The veteran chancellor has been tight-lipped about what she will do after handing over the reins to her successor Olaf Scholz on December 8th.

During her four terms in office, 67-year-old Merkel was often described as the most powerful woman in the world — but she hinted recently that she will not miss being in charge.

“I will understand very quickly that all this is now someone else’s responsibility. And I think I’m going to like that situation a lot,” she said during a trip to Washington this summer.

Famous for her stamina and her ability to remain fresh after all-night meetings, Merkel once said she can store sleep like a camel stores water.

But when asked about her retirement in Washington, she replied: “Maybe I’ll try to read something, then my eyes will start to close because I’m tired, so I’ll take a little nap, and then we’ll see where I show up.”

READ ALSO: ‘Eternal’ chancellor: Germany’s Merkel to hand over power
READ ALSO: The Merkel-Raute: How a hand gesture became a brand

‘See what happens’
First elected as an MP in 1990, just after German reunification, Merkel recently suggested she had never had time to stop and reflect on what else she might like to do.

“I have never had a normal working day and… I have naturally stopped asking myself what interests me most outside politics,” she told an audience during a joint interview with Nigerian writer Chimamanda Ngozi Adichie.

“As I have reached the age of 67, I don’t have an infinite amount of time left. This means that I want to think carefully about what I want to do in the next phase of my life,” she said.

“Do I want to write, do I want to speak, do I want to go hiking, do I want to stay at home, do I want to see the world? I’ve decided to just do nothing to begin with and see what happens.”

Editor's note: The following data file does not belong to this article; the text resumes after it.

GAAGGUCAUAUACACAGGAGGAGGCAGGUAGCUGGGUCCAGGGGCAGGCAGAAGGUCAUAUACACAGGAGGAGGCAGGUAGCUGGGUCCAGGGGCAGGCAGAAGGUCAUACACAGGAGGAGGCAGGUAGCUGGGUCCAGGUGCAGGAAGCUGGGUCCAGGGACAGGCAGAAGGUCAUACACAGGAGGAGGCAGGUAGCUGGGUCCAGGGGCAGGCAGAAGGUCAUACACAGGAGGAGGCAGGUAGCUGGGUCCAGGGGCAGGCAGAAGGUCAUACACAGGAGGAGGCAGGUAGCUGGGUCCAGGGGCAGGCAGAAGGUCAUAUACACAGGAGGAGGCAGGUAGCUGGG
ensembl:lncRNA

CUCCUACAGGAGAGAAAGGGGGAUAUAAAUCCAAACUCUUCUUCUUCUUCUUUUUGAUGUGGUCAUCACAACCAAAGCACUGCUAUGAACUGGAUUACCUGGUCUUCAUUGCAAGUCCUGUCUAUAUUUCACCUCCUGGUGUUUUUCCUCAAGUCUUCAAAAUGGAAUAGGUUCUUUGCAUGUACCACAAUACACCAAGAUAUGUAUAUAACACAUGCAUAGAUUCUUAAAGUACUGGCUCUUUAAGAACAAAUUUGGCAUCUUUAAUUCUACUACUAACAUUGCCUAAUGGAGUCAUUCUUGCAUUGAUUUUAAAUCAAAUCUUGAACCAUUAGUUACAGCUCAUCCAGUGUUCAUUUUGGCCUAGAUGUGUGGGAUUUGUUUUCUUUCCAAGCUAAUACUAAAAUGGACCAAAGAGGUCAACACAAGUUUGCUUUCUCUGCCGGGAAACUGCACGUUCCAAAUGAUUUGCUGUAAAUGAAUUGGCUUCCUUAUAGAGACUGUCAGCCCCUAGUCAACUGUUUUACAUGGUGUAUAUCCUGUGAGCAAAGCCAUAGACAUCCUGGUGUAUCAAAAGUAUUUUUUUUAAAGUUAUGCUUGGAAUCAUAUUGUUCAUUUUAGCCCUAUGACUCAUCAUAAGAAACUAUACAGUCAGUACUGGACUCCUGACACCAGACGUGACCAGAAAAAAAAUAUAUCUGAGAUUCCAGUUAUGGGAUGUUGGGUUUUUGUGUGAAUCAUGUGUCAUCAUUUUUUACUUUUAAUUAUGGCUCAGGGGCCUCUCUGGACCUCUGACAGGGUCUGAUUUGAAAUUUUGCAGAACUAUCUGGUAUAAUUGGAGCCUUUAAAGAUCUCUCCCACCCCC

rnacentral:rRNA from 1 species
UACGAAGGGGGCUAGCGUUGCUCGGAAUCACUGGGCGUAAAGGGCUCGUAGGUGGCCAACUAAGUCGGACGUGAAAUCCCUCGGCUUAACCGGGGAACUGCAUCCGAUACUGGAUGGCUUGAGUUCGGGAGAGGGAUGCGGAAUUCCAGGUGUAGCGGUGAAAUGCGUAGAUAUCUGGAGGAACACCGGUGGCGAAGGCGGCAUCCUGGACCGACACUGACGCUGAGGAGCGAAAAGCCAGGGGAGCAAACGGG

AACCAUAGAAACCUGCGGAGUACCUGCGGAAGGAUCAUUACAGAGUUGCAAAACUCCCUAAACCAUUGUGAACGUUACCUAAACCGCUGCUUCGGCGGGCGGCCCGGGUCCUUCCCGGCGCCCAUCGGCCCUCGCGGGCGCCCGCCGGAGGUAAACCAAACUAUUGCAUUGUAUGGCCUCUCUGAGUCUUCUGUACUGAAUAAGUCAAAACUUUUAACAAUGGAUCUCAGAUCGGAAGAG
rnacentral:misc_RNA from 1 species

Merkel’s predecessors have not stayed quiet for long. Helmut Schmidt, who left the chancellery in 1982, became co-editor of the weekly newspaper Die Zeit and a popular commentator on political life.

Helmut Kohl set up his own consultancy firm and Gerhard Schroeder became a lobbyist, taking a controversial position as chairman of the board of the Russian oil giant Rosneft.

German writer David Safier has imagined a more eccentric future for Merkel, penning a crime novel called Miss Merkel: Mord in der Uckermark  that sees her tempted out of retirement to investigate a mysterious murder.

German Chancellor Angela Merkel forms her trademark hand gesture, the so-called “Merkel-Raute” (known in English as the Merkel rhombus, Merkel diamond or Triangle of Power). (Photo by Tobias SCHWARZ / AFP)

Planting vegetables
Merkel may wish to spend more time with her husband Joachim Sauer in Hohenwalde, near Templin in the former East Germany where she grew up, and where she has a holiday home that she retreats to when she’s weary.

Among the leisure activities she may undertake there is vegetable, and especially, potato planting, something that she once told Bunte magazine in an interview in 2013 that she enjoyed doing.

She is also known to be a fan of the volcanic island of D’Ischia, especially the remote seaside village of Sant’Angelo.

Merkel was captured on a smartphone video this week browsing the footwear in a Berlin sportswear store, leading to speculation that she may be planning something active.

Or the former scientist could embark on a speaking tour of the countless universities from Seoul to Tel Aviv that have awarded her honorary doctorates.

Merkel is set to receive a monthly pension of around 15,000 euros ($16,900) in her retirement, according to a calculation by the German Taxpayers’ Association.

But she has never been one for lavish spending, living in a fourth-floor apartment in Berlin and often doing her own grocery shopping.

In 2014, she even took Chinese Premier Li Keqiang to her favourite supermarket in Berlin after a bilateral meeting.

So perhaps she will simply spend some quiet nights in sipping her beloved white wine and whipping up the dish she once declared as her favourite, a “really good potato soup”.